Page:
'The most enjoyable spy novel in years' Mail on Sunday
Shortlisted for the CWA Ian Fleming Steel Dagger Award
'The UK's new spy master' Sunday Times
You don't stop being a spook just because you're no longer in the game.
Banished to Slough House from the ranks of achievers at Regent's Park for various crimes of drugs and drunkenness, lechery and failure, politics and betrayal, Jackson Lamb's misfit crew of highly trained joes don't run ops, they push paper.
But not one of them joined the Intelligence Service to be a 'slow horse'.
A boy is kidnapped and held hostage. His beheading is scheduled for live broadcast on the net.
And whatever the instructions of the Service, the slow horses aren't going to just sit quiet and watch . . .
Herron may be the most literate, and slyest, thriller writer in English today - Publishers Weekly
Stylish and engaging - Washington Post
A funny, stylish, satirical, gripping story - Guardian
The most enjoyable spy novel in years - Mail on Sunday
A useful corrective in the era of television's superheroic Spooks, Herron's superb novels suggest that the most important secret spies are hiding is, that they are just like us - Daily Telegraph
I was delighted to discover that this is merely the first in a captivating series about Slough House, where the intelligence services' misfits and screw-ups become the useful tools of Herron's quite magnificent creation, Jackson Lamb. This is an old-school espionage thriller where foreign powers might be a danger, but the true enemies are sitting at another desk - Herald
I was delighted to discover Mick Herron's riotous Slow Horses series about the black sheep of MI5 - Big Issue
The first of his series about MI5 and a character called Jackson Lamb, one of the great monsters of modern fiction. He's a wonderfully cynical writer and there's a lot of dark humour in it. I'm not clever enough to write this sort of thing - Daily Express
Slow Horses is the first novel in the Slough House series by British author, Mick Herron. Slough House is a repository for inconvenient or incompetent spooks: the spies who have caused embarrassment by leaving a sensitive disc in a tube station or had an affair with the Venezuelan ambassador’s wife, or closed down Kings Cross Station in a training exercise. The “Slow Horses” are banished from Regent’s Park to Slough House where the hope is to bore the dead weights into jumping ship, to get them to quit the Service, ground into submission by routine tasks. The current staff of nine are assigned riveting assignments like combing Twitter feeds, monitoring overseas student attendances, scanning through mobile phone conversations and comparing real estate purchases with immigration records, by their boss, Jackson Lamb. Does this make for a harmonious workplace? Indeed it does not! They may all be equally frustrated at their exclusion from real ops, but they barely tolerate each other, and their dislike for their boss is thinly (if at all) veiled. When the newsfeeds show a youth of Pakistani extraction being threatened with beheading by an obscure right-wing extremist group, slow horse River Cartwright immediately makes a connection to the right-wing former journalist whose garbage bag he was assigned to examine as a harmless errand for the Park. Hungry for action, River decides he has to do something, but his covert surveillance does not end well. Before long, the Slough House crew find themselves in a race against time to save the boy (with their talents? Unlikely!) and to avoid being scapegoats for an op gone horribly wrong (virtually impossible!). Herron gives the reader a fast-paced spy novel of a very different sort. The premise is original, and the execution is inspired. The characters are all credibly flawed, their dialogue is full of dry wit, and there is plenty of humour, most of it very black and very British, with an abundance of laugh out loud moments. There are twists and red herrings and the reader will find it hard not to cheer these misfits on as they do their best. Readers will be pleased to learn there are three and a half further volumes of this series for their entertainment and enjoyment. A brilliant read!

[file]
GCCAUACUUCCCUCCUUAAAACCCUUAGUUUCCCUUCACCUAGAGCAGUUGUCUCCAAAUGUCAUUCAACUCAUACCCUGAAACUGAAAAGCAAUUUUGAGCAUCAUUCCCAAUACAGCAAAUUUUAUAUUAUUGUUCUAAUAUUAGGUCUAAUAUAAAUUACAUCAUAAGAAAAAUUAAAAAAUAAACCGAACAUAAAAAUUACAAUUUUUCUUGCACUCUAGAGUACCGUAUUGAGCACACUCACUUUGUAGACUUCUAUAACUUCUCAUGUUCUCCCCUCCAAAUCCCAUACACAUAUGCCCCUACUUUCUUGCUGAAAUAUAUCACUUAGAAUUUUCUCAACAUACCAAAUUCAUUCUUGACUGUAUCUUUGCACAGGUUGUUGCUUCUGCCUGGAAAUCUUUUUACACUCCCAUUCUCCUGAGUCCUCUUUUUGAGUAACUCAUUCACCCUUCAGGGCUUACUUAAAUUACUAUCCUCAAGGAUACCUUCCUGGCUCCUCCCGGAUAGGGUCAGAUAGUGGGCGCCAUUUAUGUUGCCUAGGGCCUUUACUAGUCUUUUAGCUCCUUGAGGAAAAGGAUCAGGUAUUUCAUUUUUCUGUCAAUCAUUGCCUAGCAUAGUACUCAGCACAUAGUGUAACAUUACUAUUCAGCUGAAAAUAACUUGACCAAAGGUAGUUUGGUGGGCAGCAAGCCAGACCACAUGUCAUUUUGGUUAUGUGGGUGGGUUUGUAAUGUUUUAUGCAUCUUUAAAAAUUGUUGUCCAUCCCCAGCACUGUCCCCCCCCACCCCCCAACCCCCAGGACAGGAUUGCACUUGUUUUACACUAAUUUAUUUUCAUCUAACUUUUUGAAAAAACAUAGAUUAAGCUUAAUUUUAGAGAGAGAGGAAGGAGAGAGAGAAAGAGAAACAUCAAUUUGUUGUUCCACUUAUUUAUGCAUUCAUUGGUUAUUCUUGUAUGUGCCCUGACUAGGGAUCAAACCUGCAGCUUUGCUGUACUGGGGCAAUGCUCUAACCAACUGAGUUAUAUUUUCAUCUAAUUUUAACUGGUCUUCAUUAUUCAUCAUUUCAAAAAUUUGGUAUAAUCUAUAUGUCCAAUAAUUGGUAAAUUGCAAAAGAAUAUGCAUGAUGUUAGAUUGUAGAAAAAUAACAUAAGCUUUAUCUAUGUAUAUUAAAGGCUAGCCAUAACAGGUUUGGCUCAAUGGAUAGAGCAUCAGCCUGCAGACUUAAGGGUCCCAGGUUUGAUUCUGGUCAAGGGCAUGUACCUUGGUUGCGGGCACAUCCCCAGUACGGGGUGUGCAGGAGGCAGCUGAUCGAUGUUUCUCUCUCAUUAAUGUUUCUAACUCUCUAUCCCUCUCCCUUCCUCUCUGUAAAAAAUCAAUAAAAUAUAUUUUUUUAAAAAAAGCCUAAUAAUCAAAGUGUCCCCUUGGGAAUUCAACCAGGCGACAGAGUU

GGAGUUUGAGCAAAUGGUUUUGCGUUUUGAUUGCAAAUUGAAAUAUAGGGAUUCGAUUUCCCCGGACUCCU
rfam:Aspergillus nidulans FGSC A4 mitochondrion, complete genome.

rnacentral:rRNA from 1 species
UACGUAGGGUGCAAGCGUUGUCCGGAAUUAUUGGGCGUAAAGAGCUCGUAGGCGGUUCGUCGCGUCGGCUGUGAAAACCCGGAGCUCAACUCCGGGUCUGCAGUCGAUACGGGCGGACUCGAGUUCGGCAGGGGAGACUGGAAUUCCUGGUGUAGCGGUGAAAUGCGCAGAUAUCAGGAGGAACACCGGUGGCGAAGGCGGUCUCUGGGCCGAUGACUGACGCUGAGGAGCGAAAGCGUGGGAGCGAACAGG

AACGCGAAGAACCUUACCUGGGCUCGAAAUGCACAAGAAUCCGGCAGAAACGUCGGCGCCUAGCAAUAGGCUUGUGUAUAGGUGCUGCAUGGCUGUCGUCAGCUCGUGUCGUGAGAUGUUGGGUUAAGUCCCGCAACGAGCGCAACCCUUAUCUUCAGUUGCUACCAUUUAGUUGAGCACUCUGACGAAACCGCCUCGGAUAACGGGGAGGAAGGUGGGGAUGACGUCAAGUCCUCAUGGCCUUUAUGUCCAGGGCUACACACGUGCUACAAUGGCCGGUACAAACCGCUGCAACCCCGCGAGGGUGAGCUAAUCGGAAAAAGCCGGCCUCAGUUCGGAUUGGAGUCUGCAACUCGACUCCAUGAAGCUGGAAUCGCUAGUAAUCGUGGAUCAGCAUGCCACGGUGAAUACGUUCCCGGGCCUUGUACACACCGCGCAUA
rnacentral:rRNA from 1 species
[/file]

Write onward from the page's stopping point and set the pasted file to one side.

Mick Herron's first Jackson Lamb novel, Slow Horses, was described as the 'most enjoyable British spy novel in years' by the Mail on Sunday and picked as one of the best twenty spy novels of all time by the Daily Telegraph. The second, Dead Lions, won the 2013 CWA Goldsboro Gold Dagger. The third, Real Tigers, was shortlisted for the Theakston's Old Peculier Crime Novel of the Year, and both the CWA Goldsboro Gold Dagger and the CWA Ian Fleming Steel Dagger. The fourth, Spook Street, was shortlisted for the Gold Dagger and won the Steel Dagger. London Rules is the fifth.
Mick Herron was born in Newcastle upon Tyne, and now lives in Oxford.